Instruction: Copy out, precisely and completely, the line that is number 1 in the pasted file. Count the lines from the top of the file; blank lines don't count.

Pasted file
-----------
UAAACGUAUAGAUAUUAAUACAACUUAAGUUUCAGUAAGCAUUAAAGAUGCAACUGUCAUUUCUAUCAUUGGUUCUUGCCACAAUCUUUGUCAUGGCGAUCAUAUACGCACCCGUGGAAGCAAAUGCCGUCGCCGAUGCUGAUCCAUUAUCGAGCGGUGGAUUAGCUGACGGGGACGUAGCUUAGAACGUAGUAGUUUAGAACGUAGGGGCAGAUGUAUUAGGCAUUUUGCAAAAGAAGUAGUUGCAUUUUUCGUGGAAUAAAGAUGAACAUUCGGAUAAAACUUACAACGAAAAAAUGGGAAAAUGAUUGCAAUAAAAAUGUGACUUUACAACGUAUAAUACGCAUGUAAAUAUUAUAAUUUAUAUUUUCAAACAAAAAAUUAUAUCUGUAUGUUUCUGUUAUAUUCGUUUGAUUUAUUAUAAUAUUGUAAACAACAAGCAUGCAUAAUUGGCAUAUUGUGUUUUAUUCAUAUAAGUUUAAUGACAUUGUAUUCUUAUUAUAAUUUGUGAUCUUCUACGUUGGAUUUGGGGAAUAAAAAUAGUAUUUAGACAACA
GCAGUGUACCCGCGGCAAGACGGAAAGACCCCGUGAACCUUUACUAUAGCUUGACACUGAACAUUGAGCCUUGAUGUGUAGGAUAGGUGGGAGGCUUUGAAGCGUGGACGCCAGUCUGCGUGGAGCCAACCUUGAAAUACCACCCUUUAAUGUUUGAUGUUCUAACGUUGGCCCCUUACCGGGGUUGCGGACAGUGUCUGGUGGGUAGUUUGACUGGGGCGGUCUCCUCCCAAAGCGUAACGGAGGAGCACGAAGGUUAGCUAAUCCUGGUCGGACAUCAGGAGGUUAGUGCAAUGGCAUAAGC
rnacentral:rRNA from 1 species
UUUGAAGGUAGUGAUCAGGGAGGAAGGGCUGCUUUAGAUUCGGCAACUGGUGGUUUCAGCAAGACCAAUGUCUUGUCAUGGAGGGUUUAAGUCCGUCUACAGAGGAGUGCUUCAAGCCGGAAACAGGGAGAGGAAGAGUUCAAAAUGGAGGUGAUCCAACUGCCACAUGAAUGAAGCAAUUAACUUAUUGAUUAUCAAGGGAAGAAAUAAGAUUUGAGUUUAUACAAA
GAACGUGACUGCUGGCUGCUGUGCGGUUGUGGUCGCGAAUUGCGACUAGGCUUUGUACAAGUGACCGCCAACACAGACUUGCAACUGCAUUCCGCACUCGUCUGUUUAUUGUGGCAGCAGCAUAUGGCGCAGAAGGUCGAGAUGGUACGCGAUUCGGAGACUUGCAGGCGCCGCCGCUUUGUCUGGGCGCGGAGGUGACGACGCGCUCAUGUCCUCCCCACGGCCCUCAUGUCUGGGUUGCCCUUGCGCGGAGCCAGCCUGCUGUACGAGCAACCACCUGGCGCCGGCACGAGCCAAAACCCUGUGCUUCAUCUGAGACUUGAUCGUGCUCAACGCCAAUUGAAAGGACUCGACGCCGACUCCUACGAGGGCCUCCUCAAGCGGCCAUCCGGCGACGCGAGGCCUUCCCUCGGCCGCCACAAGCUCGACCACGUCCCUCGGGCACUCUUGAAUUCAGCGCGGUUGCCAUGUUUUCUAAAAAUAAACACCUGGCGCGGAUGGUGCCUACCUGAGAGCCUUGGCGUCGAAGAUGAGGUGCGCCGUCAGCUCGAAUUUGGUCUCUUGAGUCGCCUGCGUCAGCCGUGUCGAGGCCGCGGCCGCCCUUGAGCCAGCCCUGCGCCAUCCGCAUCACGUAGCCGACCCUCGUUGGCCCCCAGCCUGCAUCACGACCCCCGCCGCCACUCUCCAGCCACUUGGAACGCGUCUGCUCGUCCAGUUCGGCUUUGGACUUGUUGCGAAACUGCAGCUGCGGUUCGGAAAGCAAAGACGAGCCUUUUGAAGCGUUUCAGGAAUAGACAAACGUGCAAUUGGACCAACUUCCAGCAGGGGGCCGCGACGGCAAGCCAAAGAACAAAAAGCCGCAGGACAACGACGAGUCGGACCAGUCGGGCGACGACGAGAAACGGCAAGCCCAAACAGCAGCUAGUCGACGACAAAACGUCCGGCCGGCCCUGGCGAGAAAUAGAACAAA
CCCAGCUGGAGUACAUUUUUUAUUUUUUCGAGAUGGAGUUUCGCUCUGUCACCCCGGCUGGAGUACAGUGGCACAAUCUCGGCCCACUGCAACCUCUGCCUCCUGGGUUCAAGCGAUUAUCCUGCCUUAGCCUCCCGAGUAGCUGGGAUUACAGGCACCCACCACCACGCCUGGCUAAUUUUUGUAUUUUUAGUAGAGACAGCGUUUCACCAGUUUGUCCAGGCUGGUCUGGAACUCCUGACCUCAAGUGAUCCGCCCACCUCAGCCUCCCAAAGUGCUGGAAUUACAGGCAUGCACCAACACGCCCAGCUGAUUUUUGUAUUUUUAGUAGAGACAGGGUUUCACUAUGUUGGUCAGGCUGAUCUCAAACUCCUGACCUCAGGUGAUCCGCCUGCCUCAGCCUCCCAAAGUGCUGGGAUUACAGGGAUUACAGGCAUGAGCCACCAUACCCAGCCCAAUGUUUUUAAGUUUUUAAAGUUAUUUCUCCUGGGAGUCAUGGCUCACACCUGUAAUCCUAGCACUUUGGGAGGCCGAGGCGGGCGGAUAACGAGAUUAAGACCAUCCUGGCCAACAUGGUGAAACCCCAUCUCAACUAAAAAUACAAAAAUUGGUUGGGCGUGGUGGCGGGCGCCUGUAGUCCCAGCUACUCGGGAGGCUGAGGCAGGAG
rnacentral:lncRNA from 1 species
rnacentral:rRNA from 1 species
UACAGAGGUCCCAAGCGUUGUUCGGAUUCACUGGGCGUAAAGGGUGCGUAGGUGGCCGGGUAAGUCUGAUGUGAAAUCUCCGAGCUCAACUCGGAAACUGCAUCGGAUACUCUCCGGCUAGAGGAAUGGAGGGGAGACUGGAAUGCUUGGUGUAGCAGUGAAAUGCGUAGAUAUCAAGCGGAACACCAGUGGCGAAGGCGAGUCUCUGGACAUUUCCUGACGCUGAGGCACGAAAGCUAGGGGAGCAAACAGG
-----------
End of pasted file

UAAACGUAUAGAUAUUAAUACAACUUAAGUUUCAGUAAGCAUUAAAGAUGCAACUGUCAUUUCUAUCAUUGGUUCUUGCCACAAUCUUUGUCAUGGCGAUCAUAUACGCACCCGUGGAAGCAAAUGCCGUCGCCGAUGCUGAUCCAUUAUCGAGCGGUGGAUUAGCUGACGGGGACGUAGCUUAGAACGUAGUAGUUUAGAACGUAGGGGCAGAUGUAUUAGGCAUUUUGCAAAAGAAGUAGUUGCAUUUUUCGUGGAAUAAAGAUGAACAUUCGGAUAAAACUUACAACGAAAAAAUGGGAAAAUGAUUGCAAUAAAAAUGUGACUUUACAACGUAUAAUACGCAUGUAAAUAUUAUAAUUUAUAUUUUCAAACAAAAAAUUAUAUCUGUAUGUUUCUGUUAUAUUCGUUUGAUUUAUUAUAAUAUUGUAAACAACAAGCAUGCAUAAUUGGCAUAUUGUGUUUUAUUCAUAUAAGUUUAAUGACAUUGUAUUCUUAUUAUAAUUUGUGAUCUUCUACGUUGGAUUUGGGGAAUAAAAAUAGUAUUUAGACAACA